Its a small thing.
Real Picture Postcards (RPPC) are photographs that were developed on postcard paper. You put a stamp on them and mail them. Many were formal pictures taken in a studio, but a lot were the equivalent of early snapshots. When I think of an RPPC, I usually am thinking of a one of a kind personal picture that was usually kept or sent to family or friends. That's not always the case - many were mass produced. I prefer the "one of a kinds".
The example above was a formal studio photograph taken of a young woman a long time ago - based on the cards it came with, she may have lived in the Detroit area, but that is just a guess. The back of the card looks pretty much like a normal postcard, but what is interesting about it is the stamp box. On RPPC's the stamp box gives a clue to its age. This stamp box, an "AZO" with a filled in box on each corner, is classic. I do not have my handy dandy chart available, but I believe this particular stamp box indicates the card was created sometime between 1925 and 1942. At first glance, it looks closer to 1942 to me.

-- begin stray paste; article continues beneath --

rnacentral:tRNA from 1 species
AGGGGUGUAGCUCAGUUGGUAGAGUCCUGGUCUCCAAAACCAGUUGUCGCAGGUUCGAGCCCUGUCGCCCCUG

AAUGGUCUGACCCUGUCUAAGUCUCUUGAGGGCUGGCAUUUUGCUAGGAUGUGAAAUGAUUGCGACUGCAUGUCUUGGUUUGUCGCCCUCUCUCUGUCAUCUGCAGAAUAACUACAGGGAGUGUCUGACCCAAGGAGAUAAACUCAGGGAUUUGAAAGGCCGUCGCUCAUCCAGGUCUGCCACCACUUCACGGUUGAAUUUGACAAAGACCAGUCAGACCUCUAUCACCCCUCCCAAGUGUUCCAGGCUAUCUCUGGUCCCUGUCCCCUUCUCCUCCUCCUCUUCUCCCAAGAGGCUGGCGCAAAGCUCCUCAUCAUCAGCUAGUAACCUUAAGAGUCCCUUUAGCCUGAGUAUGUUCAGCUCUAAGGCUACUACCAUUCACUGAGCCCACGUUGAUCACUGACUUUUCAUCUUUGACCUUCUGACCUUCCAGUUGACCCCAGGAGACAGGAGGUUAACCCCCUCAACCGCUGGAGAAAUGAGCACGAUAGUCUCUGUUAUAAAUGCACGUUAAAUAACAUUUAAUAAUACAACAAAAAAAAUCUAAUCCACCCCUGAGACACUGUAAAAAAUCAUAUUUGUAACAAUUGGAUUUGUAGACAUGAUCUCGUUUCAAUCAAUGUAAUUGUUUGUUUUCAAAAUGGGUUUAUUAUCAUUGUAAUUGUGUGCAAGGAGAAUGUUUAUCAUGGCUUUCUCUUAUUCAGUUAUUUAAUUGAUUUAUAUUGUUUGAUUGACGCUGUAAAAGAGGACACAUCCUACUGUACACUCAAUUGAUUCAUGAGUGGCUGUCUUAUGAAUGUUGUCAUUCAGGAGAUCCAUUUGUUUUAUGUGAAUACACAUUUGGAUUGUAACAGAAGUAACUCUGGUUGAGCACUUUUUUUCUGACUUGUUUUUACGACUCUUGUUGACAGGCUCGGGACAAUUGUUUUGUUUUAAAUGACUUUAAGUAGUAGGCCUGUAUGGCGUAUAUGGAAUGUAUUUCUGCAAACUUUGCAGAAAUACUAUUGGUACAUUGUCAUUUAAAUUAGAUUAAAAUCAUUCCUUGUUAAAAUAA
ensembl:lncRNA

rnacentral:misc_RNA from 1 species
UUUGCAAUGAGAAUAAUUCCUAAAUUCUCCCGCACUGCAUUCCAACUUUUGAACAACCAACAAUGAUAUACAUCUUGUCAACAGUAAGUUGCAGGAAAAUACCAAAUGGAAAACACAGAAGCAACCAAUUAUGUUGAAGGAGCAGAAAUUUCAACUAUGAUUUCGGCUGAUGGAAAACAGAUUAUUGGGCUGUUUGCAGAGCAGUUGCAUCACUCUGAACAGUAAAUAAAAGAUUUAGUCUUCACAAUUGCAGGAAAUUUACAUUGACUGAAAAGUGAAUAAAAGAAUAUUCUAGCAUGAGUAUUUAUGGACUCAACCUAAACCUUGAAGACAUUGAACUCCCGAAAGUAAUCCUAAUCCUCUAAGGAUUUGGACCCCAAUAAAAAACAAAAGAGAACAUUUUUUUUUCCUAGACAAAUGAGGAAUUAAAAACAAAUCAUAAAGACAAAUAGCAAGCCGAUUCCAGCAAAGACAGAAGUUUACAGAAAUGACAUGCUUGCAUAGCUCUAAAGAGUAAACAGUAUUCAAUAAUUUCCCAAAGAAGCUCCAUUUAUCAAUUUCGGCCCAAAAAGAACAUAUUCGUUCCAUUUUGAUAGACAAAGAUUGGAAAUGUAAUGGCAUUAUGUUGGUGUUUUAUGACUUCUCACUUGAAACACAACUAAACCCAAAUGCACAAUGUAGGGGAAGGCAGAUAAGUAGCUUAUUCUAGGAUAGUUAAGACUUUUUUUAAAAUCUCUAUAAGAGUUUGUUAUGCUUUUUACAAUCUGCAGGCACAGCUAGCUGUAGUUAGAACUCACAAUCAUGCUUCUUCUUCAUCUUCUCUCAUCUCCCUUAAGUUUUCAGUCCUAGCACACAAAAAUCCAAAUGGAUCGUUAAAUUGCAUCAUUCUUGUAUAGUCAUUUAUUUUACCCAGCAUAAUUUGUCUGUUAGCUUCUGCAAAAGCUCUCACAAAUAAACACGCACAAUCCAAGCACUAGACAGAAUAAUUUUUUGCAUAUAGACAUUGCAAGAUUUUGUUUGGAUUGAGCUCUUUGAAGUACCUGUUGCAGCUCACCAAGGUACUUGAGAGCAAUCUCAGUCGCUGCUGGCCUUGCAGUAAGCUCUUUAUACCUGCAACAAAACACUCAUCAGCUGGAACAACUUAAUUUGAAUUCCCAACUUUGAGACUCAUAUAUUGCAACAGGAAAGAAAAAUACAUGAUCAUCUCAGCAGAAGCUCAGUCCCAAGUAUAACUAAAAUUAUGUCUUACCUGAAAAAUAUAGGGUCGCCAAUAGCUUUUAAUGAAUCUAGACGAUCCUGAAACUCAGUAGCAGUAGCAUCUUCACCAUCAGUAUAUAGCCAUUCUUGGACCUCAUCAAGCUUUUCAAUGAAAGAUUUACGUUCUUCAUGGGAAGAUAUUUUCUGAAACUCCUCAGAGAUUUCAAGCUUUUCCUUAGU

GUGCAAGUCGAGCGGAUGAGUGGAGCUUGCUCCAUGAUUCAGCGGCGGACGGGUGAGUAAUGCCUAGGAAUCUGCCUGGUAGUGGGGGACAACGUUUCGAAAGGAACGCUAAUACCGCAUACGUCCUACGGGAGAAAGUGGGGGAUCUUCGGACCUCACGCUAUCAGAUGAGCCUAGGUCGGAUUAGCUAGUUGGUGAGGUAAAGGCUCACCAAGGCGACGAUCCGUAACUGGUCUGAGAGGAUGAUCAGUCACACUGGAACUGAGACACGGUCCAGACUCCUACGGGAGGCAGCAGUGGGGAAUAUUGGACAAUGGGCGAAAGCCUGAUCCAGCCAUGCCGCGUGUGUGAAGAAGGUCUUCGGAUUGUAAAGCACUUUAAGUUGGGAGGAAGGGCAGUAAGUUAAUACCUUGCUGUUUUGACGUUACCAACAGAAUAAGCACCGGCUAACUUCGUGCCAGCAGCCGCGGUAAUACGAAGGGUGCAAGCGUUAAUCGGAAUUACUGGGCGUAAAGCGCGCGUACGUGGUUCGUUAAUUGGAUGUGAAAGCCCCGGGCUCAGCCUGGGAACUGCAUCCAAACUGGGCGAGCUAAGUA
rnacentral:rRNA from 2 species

Whenever I have an RPPC I spend time looking at it, looking for details. Trying to get a glimpse of a life, or of how things were a long time ago. It's a little harder with the formal portraits, but I do it anyway. This person is dressed quite nicely, and the one thing I notice is the necklace and the earrings. Today they would be considered very retro or vintage if not antique, and I've seen necklaces that look very much like that for sell in antique malls and such.
RPPC's are highly collectible, people love them. The ones that have brought the highest prices for us have been of geographic areas - something identifiable, but not necessarily a tourist area. I just now realized that our two best sellers (money wise) were of rivers: an RPPC of a building on the Russian River in California sometime in the 1920s, and one of the Ohio River near Louisville, Kentucky, frozen over during the winter of 1937. I spoke to my father about that one, and he said that the Ohio River hasn't frozen over in decades - too many chemicals in it. Both had white hand-written captions on the front.
RPPC's are my favorite type of postcard. It's a lot of fun to just imagine what is going on in them, what the people are like, what the life was like.